This is manifestated through our leadership role in shaping the 2030 Agenda for Sustainable Development and the adoption of the Addis Ababa Action Agenda in July 2015, which provided the framework for financing of the agenda, under Uganda’s Presidency of the 69th Session of the United Nations General Assembly; and providing global leadership in cascading implementation in many countries, now as Chair of the Non-Align Movement (NAM).

During our National Development Plan preparation, Uganda mainstreamed the SDGs into the national planning frameworks.

And in recognition of the importance of review and follow-up mechanisms, we strengthened the implementation and communication strategy for the current NDP and the Sustainable Development Goals prioritizing national and local level consultations on localization of the 2030 Agenda; National Information, Education and Communication campaigns; high-level policy dialogue engagements; institutional capacity development; and revitalised engagement with the private sector.

Nearly three decades on from the first United Nations Conference on Sustainable Development in 1992, Uganda remains steady in its commitment to sustainable development.

Results from the National Population and Housing Census reconfirm that this commitment is yielding desirable results. Between 1991 and 2014, life expectancy rose from 48.1 to now 64.3 years; infant and under-five mortality rates dropped from 122 and 203 deaths per 1,000 live births to the current 39.171 deaths per 1000 live births; orphan hood levels dropped from 11.6 to 6.0 per cent; literacy levels rose from 54.0 to 79 per cent; income poverty declined from 56 to 20.3 per cent; access to electricity – a factor that impacts heavily on the environment in Uganda – increased from 5.6 to 20.4 per cent; and the proportion of the national budget that is funded from domestic sources stands at 53 per cent.

Further, our lion’s share of the national budget is usually allocated to social programs; free universal primary and secondary education (UPE&USE), basic health improvement programmes, water and sanitation, rural roads, and rural agricultural modernisation.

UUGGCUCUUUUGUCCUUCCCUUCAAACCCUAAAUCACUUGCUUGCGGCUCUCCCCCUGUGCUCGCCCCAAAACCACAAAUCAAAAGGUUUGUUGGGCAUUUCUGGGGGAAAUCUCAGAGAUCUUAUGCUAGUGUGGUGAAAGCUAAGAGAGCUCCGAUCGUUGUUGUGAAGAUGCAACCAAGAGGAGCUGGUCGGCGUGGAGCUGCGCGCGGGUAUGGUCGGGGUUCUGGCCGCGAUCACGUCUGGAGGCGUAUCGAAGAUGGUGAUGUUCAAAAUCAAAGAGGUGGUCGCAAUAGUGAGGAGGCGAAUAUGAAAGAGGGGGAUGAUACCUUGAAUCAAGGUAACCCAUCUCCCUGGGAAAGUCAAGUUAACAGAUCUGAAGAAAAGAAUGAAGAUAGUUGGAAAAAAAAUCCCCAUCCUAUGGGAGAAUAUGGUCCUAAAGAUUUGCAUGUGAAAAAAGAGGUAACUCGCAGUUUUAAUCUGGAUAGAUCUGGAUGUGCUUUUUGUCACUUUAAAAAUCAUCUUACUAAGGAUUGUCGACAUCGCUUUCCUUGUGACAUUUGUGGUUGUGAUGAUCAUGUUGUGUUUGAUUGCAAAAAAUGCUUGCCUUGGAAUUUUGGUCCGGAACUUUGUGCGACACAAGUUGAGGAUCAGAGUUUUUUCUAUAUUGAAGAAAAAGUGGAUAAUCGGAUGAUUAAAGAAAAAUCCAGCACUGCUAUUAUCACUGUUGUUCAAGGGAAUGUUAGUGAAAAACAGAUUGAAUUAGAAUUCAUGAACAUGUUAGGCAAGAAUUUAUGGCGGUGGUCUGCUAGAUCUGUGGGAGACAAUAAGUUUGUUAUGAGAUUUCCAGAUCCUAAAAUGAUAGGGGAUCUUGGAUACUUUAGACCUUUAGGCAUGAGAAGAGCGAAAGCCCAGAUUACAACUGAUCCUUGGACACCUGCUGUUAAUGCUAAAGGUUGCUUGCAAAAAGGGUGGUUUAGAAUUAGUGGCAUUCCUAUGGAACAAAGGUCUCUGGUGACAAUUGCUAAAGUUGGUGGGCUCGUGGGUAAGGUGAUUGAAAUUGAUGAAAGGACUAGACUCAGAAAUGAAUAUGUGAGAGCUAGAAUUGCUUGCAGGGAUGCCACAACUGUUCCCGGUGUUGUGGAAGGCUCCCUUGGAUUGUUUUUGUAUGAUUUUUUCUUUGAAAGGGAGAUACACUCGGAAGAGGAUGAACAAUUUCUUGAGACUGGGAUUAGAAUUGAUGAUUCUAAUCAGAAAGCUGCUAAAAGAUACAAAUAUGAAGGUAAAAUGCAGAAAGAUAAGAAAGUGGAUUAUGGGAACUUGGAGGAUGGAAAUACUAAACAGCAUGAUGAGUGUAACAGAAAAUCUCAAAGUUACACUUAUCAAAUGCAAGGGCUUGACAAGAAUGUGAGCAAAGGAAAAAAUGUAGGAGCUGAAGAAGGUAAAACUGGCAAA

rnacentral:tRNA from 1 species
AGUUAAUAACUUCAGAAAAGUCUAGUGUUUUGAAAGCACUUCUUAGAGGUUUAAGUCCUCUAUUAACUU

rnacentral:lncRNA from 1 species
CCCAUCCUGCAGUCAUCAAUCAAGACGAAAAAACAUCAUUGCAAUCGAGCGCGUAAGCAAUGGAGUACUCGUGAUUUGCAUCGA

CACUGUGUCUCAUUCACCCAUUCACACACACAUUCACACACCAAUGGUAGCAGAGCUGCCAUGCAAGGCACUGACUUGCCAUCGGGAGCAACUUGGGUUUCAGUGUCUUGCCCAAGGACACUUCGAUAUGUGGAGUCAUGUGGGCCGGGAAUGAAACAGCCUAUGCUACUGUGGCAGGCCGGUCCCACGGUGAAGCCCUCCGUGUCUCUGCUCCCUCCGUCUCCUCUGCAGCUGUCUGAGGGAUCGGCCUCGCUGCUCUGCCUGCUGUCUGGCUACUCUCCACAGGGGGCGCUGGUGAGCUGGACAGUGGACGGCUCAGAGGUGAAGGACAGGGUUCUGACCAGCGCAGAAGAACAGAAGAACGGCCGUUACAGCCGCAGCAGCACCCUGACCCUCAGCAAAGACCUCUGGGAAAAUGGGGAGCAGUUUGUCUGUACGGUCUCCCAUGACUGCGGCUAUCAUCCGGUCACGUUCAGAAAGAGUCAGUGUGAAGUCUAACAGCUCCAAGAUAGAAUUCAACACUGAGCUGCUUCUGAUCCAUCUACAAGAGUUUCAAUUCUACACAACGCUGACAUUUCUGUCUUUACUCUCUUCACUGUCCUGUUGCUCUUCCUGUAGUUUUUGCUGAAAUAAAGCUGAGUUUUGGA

Others include: Social Assistance Grant for older persons, empowerment of women, youth, PWD, with programs such as; Uganda women’s entrepreneurship program (UWEP), Generating growth, Productivity and opportunities for women entrepreneurs (Grant from WB of USD217M), The climate Resilient Livelihood Opportunities for women economic empowerment, Parish Development Model, Emyooga, Operation Wealth Creation; Universal Primary and Secondary Education; the Youth Livelihood Program; the Higher Education Students Loan Scheme; the Legal Aid Programme, Special grant for PWD & older persons; Community Tree Planting Project; and the Skilling Uganda Program.

These programmes have been implemented since the 1990s to reduce poverty which in 1992 averaged 56.4 per cent. Other anti-poverty policies implemented by government over the years included; administrative and political decentralisation to take social services nearer to the people and deliver them more efficiently and effectively, liberalisation of the economy, gender economic and social empowerment programs, micro-credit schemes targeting the ‘active’ poor, social security for the aged poor, and the youth livelihood improvement programmes , among others. Uganda’s approach to social interventions towards pro-poor and inclusive development has thus, been institutionalised within our development frameworks such as National Development Plan III to implement social programmes geared towards improving citizen’s welfare.